Mobile Blog Posts: With blogger you can send blog posts via SMS, MMS or e-mail to your blog. You just have to set that up ahead of time. Just click on Settings / Email & Mobile, there you can make those settings. If you want to post up something quick that your child said then send an SMS message. Post a quick image with title using your cell phone then use MMS. If you want to have more options send the post to your Email Posting Address for blogger. I suggest that when you are setting up this sort of blog you involve the rest of the family to help. So, both my wife and I will set up our phones to be mobile blogging units for the Christmas Holiday. If you’d like to see how things go for us please visit

The Best Thing I Ever Did

broken television This holiday season, my daughter asked for a plush kitty. My boy asked for anything Thomas. That’s it. Know why? The picture is pretty much the reason. My kids don’t get a steady input of toy ads so as such, they don’t really seem to have as many interests in such.

Now, I used to feel pretty clever about this until my boy found an ad on Playhouse Disney’s site for some game that was like a Nintendo Wii, but much more lame. For a while there, I thought we’d have to get it, because he was pretty fixated after seeing ONE ad. But, we talked him out of the system, and back into something similar but for the Wii he already owned from a year or so ago.

I feel like our kids don’t get a lot of advertising, at least not in the house, and that’s good.

Thing is, look how much advertising WE get as dads. I’m pretty much convinced I need a new expensive watch and a Camaro. Aren’t you?

Photo credit schmilblick


WOW! I’m so excited to join the Dad-O-Matic community. I just wanted to introduce myself in my first blog over here. I guess I share two things in common with everyone on this blog. I’m a Dad and I’m a bit of geek. I guess I’ll start with the Dad stuff and then cover the geek stuff.

I first became a dad Seven Years ago when we lost our first child at 22 weeks. I only mention that because the article I wrote on that experience won me the 2009 East Cobber Father of the Year. In the seven years since we lost that first child I have had three more. The oldest Haley has Cerebral Palsy and was the inspiration for me to start blogging regularly. My second child Abby is 3 and is an absolute trouble maker. The other day she made up the song:

Wiggle your tushy all day long.
wiggle your tushy sing a song.
wiggle your tushy go outside and play.
wiggle your tushy its a beautiful day.

And now I have a 10 week old boy named Issac. As I mentioned Haley inspired my first consistent blog an unedited discussion about my ADD and Dyslexia and my daughters CP. I generally cover topics about how my disability helps me in raising a child with a disability but I also cover inspirational stories about folks with disabilities and just Dad/parenting stuff in general. I even started The DADvocate Project this past Thanks Giving.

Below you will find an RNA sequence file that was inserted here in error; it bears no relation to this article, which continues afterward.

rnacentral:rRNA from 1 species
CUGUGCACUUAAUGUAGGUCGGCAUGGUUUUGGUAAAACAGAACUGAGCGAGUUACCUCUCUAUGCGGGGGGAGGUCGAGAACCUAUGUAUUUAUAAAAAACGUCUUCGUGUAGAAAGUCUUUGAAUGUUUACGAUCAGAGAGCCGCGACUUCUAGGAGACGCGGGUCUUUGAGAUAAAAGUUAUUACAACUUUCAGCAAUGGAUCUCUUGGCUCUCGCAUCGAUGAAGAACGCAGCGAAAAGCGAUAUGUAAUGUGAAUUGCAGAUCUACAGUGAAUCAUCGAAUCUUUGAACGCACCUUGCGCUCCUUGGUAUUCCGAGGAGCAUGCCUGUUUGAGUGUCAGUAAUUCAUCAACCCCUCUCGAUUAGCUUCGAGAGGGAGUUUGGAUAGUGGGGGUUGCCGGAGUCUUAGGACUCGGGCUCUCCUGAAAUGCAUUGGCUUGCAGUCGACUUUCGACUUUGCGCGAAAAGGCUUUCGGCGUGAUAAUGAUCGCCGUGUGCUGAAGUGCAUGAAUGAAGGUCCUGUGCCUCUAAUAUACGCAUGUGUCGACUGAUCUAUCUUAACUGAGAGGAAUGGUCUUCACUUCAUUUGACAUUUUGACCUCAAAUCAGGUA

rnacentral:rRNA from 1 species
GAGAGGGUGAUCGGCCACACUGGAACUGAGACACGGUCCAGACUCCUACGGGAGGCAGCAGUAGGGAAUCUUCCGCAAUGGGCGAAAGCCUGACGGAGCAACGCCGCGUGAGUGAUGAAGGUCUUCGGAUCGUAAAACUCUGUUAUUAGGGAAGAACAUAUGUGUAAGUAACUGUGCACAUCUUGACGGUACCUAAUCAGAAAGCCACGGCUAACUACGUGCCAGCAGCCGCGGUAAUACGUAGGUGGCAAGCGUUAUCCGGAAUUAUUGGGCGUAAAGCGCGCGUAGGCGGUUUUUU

The DADvocate Project is a project to write a book about dads by dads. We’ve created a survey that covers family, fun, work, finances, religion, time spent with kids and family, how often you have sex with your wife, do you have tattoos, have you done recreational drugs etc. We cover the gambit. We are then going to interview a subset of the dads and look for interesting correlation in the data to put together the book. Ideally we’ll have stories about ,what you were like in college and high school, how you developed as a person and how kids changed you. We’ll go deep and it will be fun. The DADvocate Project is currently hosted at the website but can be reached through We certainly can use more entries so come help us reach 1000 entries now.

Finally as I said I’m a geek. I finally convinced my dad when I was eleven to buy a computer. It was 1986 and we bought an Apple IIc. I still love that thing and wish we had kept it. I bought a programming book and wrote a down hill ski program that had two lower case l’s as skis and they were maneuvered by the arrow keys through the * trees. I also was absolutely obsessed with the game Lemonade stand.  Thus was born my profession as a business analyst, half in computers and half in business. Today they call me a Business Systems Architect and I’ve held a number of titles over the year but I’m basically always doing the same thing helping the business find answers for how to make more money, and do it better, faster, cheaper with technology. I do it professionally for larger corporations and I like to help smaller companies with it too on the side. I love technology and I love educating people on it’s use. Therefor I only occasionally cover complicated topics because I want the small business owners who read my site to be able to implement the free and cheap tools available to them to help optimize their business.  If you are interested in this blog you should check it out over at .

I’d love to know more about each of you, who read this blog. Tell me about yourself and your kids and how you got into technology.


Cast of Dads Podcast Episode 3: Mustaches, Massages & Man Purses!

The “Cast of Dads” is back for our last recording before the Christmas Holiday, and it’s a doozy.  Somehow our Holiday chatter leads us from the manly to the metro-sexual.   In this episode we discuss: